Aussies enjoy sport. We love to spectate and participate. From youngsters to seniors, from school up to international level, you’ll find many of us enjoying all kinds of sporting and leisure activities. That’s why our home-grown community clubs are such popular places. They offer local residents plenty of exercise, good company and heaps of fun. And, even if you’re not a sports fan, there’s so much that’s positive in enjoying our great-outdoors and being active.
Getting out and about is good for us, say researchers at Melbourne’s Monash University. In fact, they report that taking part in physical activity, “leads to lifelong health benefits.” But, and here’s the downside, “only if it is injury free”. And that’s the rub. While we may wish to walk, jog, cycle, play tennis, golf, or compete in team sports, we want to do it safely.
That’s why the Australian Centre for Research into Injury in Sport and its Prevention was created. According to the experts involved with this project, “Every year around one million Australians are injured playing sport or undertaking recreational activities.” This statistic has prompted the group of researchers, policymakers and specialists, to find ways of preventing sports-related injuries. While their good work continues, another dimension not often seen as relevant to preventing injuries, has been gaining more attention.
Current research into the connection between spirituality, thought, and good health is turning up interesting results. It’s showing that even subtle shifts in thought can have a significant impact on our physical well-being. Perhaps that’s why we’ve seen some American athletes thank a divine power for enabling them to compete successfully. Spirituality can lift thought above limitation and advance mental and physical health. Here’s an example.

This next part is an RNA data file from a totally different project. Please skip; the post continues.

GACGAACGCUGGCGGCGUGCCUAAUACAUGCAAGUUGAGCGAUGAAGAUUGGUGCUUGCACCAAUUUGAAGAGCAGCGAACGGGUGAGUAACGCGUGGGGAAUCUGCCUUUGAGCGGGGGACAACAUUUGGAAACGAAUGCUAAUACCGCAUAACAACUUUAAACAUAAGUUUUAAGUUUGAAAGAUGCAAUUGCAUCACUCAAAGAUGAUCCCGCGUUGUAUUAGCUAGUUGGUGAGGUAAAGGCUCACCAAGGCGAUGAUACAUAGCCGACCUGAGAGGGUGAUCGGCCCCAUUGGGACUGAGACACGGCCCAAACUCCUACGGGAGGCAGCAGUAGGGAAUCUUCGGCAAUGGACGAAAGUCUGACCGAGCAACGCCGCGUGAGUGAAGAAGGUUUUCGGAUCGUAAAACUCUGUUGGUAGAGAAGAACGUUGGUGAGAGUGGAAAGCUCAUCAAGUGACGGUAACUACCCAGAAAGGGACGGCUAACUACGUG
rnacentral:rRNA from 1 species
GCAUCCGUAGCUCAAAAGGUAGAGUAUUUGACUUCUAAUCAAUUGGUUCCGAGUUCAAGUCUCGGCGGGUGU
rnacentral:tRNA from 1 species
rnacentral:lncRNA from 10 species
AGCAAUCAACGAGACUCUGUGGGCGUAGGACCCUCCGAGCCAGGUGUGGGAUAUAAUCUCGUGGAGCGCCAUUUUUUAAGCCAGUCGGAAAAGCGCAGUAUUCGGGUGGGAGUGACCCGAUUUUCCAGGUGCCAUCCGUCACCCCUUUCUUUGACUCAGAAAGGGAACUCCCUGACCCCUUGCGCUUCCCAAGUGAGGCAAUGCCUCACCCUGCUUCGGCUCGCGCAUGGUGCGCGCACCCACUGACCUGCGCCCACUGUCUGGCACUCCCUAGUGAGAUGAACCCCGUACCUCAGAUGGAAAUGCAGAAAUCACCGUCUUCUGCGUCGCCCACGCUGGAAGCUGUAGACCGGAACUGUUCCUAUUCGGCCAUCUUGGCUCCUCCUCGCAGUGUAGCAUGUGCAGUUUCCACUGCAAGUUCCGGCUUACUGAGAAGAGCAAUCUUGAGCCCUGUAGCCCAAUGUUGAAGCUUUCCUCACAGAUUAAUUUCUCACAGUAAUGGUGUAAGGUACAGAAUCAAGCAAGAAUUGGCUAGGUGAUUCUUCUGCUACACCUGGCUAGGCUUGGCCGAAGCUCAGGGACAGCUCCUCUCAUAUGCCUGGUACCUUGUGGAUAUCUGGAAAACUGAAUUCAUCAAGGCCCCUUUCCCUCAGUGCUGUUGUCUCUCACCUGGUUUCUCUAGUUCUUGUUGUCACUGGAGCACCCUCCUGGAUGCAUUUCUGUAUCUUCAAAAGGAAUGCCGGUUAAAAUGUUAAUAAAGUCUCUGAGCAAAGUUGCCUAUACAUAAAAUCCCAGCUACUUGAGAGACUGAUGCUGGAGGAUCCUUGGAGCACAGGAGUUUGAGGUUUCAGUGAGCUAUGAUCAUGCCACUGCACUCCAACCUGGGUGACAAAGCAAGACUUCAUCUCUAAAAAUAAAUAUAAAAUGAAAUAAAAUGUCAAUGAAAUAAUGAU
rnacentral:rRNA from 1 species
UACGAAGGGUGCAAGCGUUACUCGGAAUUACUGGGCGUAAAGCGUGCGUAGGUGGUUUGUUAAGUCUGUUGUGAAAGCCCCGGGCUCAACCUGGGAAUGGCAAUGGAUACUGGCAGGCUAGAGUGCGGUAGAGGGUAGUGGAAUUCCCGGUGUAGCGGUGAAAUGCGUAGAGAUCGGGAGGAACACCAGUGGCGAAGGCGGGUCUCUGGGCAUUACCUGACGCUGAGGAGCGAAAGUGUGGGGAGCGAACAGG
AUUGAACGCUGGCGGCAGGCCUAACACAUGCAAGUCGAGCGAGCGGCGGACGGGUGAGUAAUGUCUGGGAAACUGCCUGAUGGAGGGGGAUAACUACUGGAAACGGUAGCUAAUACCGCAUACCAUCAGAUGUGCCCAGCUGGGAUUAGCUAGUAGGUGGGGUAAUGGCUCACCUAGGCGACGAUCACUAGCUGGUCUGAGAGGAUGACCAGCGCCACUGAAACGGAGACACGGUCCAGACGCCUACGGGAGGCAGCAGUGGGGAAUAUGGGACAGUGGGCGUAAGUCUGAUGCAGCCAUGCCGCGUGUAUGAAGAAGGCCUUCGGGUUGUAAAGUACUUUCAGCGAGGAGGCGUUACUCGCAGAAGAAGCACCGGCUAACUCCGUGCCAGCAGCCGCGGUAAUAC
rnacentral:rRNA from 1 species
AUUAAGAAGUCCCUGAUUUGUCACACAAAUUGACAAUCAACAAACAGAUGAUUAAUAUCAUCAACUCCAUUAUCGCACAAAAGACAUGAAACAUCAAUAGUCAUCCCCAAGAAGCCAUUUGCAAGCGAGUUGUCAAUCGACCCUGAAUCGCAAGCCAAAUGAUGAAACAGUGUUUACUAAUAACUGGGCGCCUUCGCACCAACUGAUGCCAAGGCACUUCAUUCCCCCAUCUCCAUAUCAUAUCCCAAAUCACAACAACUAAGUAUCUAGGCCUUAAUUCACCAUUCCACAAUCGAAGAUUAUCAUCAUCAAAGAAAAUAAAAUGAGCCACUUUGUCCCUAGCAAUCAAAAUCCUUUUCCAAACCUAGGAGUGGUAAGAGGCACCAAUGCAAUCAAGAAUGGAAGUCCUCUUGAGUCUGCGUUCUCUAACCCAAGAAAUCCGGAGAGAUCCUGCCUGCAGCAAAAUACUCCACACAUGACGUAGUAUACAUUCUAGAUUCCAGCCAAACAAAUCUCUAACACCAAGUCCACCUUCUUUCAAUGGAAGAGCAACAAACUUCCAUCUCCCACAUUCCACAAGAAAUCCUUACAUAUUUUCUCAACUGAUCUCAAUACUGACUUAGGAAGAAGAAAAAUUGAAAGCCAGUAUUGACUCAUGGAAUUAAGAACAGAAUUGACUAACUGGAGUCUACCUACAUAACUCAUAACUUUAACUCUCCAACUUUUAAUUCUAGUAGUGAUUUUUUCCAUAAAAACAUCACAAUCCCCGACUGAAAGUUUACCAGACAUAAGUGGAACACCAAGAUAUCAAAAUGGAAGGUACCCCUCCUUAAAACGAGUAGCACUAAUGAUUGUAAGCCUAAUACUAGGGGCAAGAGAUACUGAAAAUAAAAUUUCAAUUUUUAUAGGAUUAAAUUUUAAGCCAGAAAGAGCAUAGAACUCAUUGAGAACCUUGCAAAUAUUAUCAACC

My neighbour begged me to go jogging with her in our hillside streets. On our first few outings, we barely made it around the block! Concerned about this, I decided to approach our evening runs from a spiritual standpoint. Spirituality had successfully helped me overcome several health problems.
So before our next jog, I took time to meditate prayerfully. I affirmed that my stamina and ability to run without experiencing exhaustion or injury, came from a divine source. As I jogged, I kept such thoughts in mind.
Several weeks later when we’d graduated to longer distances, my neighbour started to complain about all sorts of discomfort – terrible pain, a stitch in her side, a sore heel, an inflamed foot, aching calf muscles, and weakness in her ankles. One day when she was again doubled over in pain, she asked me why I never got injured or ever complained. I told her I honestly felt that prayer was helping me. She asked me to pray for her, which I did. Her injury woes ceased. We ran together for several years until I moved house. She then went on to successfully compete by herself in lots of community events.
Injuries are widely reported in many sports. Solutions are being sought. My experience encourages me to believe that spiritual thinking can help to bring about good mental and physical health outcomes. What benefits the mind, can also benefit the body. A Scriptural saying encourages hope in that direction. It suggests that it’s normal to be strong and energetic, run and not get tired, walk and not faint. Maybe taking a spiritual approach to sport and fitness, will enable us to find ways to safely stay fit and be injury-free.
Latest posts by Beverly Goldsmith (see all)
- Energize your thinking. It’s good for your health. - July 20, 2015
- RADIO: Have MORE gratitude. It’s good for your health. - July 13, 2015
- RADIO: Renovate your thinking. It’s good for your health - July 6, 2015